2 thoughts on “Keller Disses Bloggers, Again! – Tikun Olam תיקון עולם إصلاح العالم
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  1. I think he was saying that you merely regurgitate material. Bloggers arent on the front lines of any major conflict covering them. They are merely verbally masturbating.

    And what dialouge have you tried to promote in the Israeli and Palestinian Arab conflict?

    Your explination of Tikun Olam says its a “Kabbilistic term”. Its a hebrew term that literally means “bettering the world”, not repair or mend. Its not a only kabbilistic philosophy but a jewish one. And according the jewish tradition the vessels werent destroyed but were hidden. Where are you learning all of this kabbalah from? Try learning about judiasm first before you delve into one of its more advanced topics. Its like someone trying to understand nuclear physics without understanding newtons 3 laws of motion.

  2. Steven seems to be a Hebrew, Kabbalah and Judaism expert though he doesn’t even bother to read through any of my posts about Judaism and Hebrew literature here. If he did, he’d know that I have an Bachelor of Hebrew Literature degree from Jewish Theological Seminary AND an MA in Comparative Literature (majoring in Hebrew) from UCLA. I’ve studied two complete academic years at the Hebrew University (all courses in Judaica and Hebrew literature AND all in Hebrew). So tell me again Steven, where does your expertise come from? And where do your bogus definitions of Hebrew words come from?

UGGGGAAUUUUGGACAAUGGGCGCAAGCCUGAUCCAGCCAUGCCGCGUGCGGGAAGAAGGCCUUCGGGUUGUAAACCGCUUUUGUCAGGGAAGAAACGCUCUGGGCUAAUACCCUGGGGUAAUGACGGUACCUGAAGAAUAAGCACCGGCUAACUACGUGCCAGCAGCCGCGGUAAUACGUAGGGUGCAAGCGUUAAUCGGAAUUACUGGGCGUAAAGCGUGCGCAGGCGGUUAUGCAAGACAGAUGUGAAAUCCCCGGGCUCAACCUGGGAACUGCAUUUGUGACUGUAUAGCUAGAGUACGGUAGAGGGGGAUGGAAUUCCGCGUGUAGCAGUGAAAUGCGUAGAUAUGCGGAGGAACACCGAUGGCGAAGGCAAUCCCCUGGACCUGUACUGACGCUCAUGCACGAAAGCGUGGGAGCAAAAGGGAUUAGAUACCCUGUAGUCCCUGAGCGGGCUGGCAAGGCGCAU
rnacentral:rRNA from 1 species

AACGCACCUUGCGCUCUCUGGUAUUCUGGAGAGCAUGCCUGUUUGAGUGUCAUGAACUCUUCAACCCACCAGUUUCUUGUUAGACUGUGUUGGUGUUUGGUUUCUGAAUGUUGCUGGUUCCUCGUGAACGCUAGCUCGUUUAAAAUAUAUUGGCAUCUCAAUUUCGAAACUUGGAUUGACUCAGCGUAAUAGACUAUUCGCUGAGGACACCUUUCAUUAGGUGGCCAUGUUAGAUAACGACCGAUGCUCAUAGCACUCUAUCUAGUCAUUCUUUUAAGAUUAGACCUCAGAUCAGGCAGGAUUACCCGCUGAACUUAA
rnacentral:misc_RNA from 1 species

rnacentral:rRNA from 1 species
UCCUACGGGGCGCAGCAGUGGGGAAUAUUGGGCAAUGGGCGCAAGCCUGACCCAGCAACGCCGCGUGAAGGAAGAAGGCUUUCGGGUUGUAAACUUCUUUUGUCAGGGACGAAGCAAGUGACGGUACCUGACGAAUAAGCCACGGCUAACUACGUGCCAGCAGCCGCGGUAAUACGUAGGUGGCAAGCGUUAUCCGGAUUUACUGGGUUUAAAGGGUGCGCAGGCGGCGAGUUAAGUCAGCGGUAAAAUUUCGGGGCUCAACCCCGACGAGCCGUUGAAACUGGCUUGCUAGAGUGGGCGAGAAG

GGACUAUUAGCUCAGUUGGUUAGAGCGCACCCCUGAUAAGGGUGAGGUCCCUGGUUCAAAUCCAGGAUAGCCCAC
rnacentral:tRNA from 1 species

So let’s correct Steven’s errors: the word tikun does NOT mean ‘bettering the world.’ It means as I wrote, to repair or mend the world. One could say tikun olam means ‘bettering the world’ only in the sense that by repairing it we make it better. But that is a secondary, not primary meaning. Oh & Steven–how much Kabbalah do you know? Clearly little or none. Tikun olam is an important term in kabbalistic tradition. The Kabbalah/Zohar was written in Aramaic, a language closely related to Hebrew. So of course the term is both from Kabbalah and Hebrew. There’s no dichotomy or distinction as Steven seems to imply.

    Steven, Steven–the term for broken vessels is “svirat ha-keylim” or “breaking of the vessels.” Go read your Gershom Scholem. I learned my Kabbalah for starters from Gershom Scholem (in book form), the 20th century’s greatest explicator of Kabbalah and Jewish mysticism, and his colleagues at the Hebrew University (in person). Not to mention countless other seminal tracts on the subject while studying Jewish mysticism at the Hebrew University. Where are you getting your facts from? Madonna?

    See what I hate about comments like this is that they come from know-it-alls who presume, without much basis in fact, to know everything about any given subject without knowing very much at all. But to hear them tell it, their views on the subject are Law. It’s pathetic really & it gives our religion a bad name to have people like Steven telling us all what Judaism means & that we’re not adequately observing it

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